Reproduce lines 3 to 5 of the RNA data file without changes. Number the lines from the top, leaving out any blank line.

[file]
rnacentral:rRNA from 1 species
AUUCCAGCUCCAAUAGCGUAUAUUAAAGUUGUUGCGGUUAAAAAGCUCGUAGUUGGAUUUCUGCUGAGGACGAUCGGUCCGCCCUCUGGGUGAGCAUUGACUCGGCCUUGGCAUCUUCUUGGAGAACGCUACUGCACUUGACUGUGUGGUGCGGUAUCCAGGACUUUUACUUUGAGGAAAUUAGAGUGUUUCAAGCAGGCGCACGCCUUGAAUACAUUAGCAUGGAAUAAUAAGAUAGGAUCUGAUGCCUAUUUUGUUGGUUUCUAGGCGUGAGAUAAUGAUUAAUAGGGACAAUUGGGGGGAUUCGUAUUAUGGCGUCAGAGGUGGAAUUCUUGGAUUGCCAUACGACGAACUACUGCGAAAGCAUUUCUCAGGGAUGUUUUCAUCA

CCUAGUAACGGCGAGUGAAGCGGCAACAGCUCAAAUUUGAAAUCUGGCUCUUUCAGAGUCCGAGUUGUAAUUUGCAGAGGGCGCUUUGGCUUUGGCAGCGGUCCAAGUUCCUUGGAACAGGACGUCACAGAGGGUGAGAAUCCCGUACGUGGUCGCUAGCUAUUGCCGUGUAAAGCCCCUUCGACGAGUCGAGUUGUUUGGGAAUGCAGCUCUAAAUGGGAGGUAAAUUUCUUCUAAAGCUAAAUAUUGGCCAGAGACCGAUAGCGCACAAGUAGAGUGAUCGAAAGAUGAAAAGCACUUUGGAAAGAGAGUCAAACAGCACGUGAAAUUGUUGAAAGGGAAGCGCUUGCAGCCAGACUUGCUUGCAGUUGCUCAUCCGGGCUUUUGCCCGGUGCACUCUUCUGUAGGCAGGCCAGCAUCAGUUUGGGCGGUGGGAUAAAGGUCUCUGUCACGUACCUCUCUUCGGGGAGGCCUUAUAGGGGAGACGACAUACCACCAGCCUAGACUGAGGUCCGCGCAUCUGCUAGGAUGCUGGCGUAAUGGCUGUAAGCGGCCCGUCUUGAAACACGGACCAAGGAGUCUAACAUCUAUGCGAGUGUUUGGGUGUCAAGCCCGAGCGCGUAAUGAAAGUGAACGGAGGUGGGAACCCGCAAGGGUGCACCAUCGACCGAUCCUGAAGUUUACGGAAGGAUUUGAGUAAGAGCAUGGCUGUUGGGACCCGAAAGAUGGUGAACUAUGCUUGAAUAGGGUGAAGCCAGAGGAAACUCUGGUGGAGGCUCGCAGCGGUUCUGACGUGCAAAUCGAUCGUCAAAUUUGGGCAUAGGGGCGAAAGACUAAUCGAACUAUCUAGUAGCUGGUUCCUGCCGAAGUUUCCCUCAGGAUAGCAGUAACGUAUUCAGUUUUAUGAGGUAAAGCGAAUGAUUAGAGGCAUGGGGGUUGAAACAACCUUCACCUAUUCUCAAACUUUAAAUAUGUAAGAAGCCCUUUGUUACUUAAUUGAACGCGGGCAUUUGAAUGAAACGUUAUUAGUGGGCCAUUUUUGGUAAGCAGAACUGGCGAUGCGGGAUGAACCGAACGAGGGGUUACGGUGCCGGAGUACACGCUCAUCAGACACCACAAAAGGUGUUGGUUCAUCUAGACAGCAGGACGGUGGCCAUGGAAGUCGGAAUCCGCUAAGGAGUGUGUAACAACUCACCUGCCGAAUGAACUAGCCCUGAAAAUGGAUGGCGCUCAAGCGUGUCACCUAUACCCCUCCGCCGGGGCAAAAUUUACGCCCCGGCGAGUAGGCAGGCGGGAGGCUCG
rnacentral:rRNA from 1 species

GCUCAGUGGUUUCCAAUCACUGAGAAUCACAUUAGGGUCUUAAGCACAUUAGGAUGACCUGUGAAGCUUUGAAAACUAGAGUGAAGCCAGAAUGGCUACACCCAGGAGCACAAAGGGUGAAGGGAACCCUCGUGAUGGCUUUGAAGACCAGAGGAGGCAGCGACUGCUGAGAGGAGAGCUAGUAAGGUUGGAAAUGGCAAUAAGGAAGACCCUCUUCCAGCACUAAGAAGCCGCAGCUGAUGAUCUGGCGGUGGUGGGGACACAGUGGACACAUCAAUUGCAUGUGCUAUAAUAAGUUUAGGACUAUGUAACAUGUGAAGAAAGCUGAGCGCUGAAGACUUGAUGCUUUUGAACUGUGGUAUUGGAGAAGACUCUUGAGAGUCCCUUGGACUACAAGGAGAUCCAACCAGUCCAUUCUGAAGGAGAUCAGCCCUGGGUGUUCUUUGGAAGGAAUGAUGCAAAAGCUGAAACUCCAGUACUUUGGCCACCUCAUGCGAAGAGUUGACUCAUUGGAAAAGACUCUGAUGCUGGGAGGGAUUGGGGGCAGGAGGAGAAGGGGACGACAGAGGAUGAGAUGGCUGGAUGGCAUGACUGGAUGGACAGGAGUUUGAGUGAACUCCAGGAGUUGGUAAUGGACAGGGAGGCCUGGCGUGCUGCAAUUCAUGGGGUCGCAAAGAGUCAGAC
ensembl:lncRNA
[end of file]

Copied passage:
CCUAGUAACGGCGAGUGAAGCGGCAACAGCUCAAAUUUGAAAUCUGGCUCUUUCAGAGUCCGAGUUGUAAUUUGCAGAGGGCGCUUUGGCUUUGGCAGCGGUCCAAGUUCCUUGGAACAGGACGUCACAGAGGGUGAGAAUCCCGUACGUGGUCGCUAGCUAUUGCCGUGUAAAGCCCCUUCGACGAGUCGAGUUGUUUGGGAAUGCAGCUCUAAAUGGGAGGUAAAUUUCUUCUAAAGCUAAAUAUUGGCCAGAGACCGAUAGCGCACAAGUAGAGUGAUCGAAAGAUGAAAAGCACUUUGGAAAGAGAGUCAAACAGCACGUGAAAUUGUUGAAAGGGAAGCGCUUGCAGCCAGACUUGCUUGCAGUUGCUCAUCCGGGCUUUUGCCCGGUGCACUCUUCUGUAGGCAGGCCAGCAUCAGUUUGGGCGGUGGGAUAAAGGUCUCUGUCACGUACCUCUCUUCGGGGAGGCCUUAUAGGGGAGACGACAUACCACCAGCCUAGACUGAGGUCCGCGCAUCUGCUAGGAUGCUGGCGUAAUGGCUGUAAGCGGCCCGUCUUGAAACACGGACCAAGGAGUCUAACAUCUAUGCGAGUGUUUGGGUGUCAAGCCCGAGCGCGUAAUGAAAGUGAACGGAGGUGGGAACCCGCAAGGGUGCACCAUCGACCGAUCCUGAAGUUUACGGAAGGAUUUGAGUAAGAGCAUGGCUGUUGGGACCCGAAAGAUGGUGAACUAUGCUUGAAUAGGGUGAAGCCAGAGGAAACUCUGGUGGAGGCUCGCAGCGGUUCUGACGUGCAAAUCGAUCGUCAAAUUUGGGCAUAGGGGCGAAAGACUAAUCGAACUAUCUAGUAGCUGGUUCCUGCCGAAGUUUCCCUCAGGAUAGCAGUAACGUAUUCAGUUUUAUGAGGUAAAGCGAAUGAUUAGAGGCAUGGGGGUUGAAACAACCUUCACCUAUUCUCAAACUUUAAAUAUGUAAGAAGCCCUUUGUUACUUAAUUGAACGCGGGCAUUUGAAUGAAACGUUAUUAGUGGGCCAUUUUUGGUAAGCAGAACUGGCGAUGCGGGAUGAACCGAACGAGGGGUUACGGUGCCGGAGUACACGCUCAUCAGACACCACAAAAGGUGUUGGUUCAUCUAGACAGCAGGACGGUGGCCAUGGAAGUCGGAAUCCGCUAAGGAGUGUGUAACAACUCACCUGCCGAAUGAACUAGCCCUGAAAAUGGAUGGCGCUCAAGCGUGUCACCUAUACCCCUCCGCCGGGGCAAAAUUUACGCCCCGGCGAGUAGGCAGGCGGGAGGCUCG
rnacentral:rRNA from 1 species

GCUCAGUGGUUUCCAAUCACUGAGAAUCACAUUAGGGUCUUAAGCACAUUAGGAUGACCUGUGAAGCUUUGAAAACUAGAGUGAAGCCAGAAUGGCUACACCCAGGAGCACAAAGGGUGAAGGGAACCCUCGUGAUGGCUUUGAAGACCAGAGGAGGCAGCGACUGCUGAGAGGAGAGCUAGUAAGGUUGGAAAUGGCAAUAAGGAAGACCCUCUUCCAGCACUAAGAAGCCGCAGCUGAUGAUCUGGCGGUGGUGGGGACACAGUGGACACAUCAAUUGCAUGUGCUAUAAUAAGUUUAGGACUAUGUAACAUGUGAAGAAAGCUGAGCGCUGAAGACUUGAUGCUUUUGAACUGUGGUAUUGGAGAAGACUCUUGAGAGUCCCUUGGACUACAAGGAGAUCCAACCAGUCCAUUCUGAAGGAGAUCAGCCCUGGGUGUUCUUUGGAAGGAAUGAUGCAAAAGCUGAAACUCCAGUACUUUGGCCACCUCAUGCGAAGAGUUGACUCAUUGGAAAAGACUCUGAUGCUGGGAGGGAUUGGGGGCAGGAGGAGAAGGGGACGACAGAGGAUGAGAUGGCUGGAUGGCAUGACUGGAUGGACAGGAGUUUGAGUGAACUCCAGGAGUUGGUAAUGGACAGGGAGGCCUGGCGUGCUGCAAUUCAUGGGGUCGCAAAGAGUCAGAC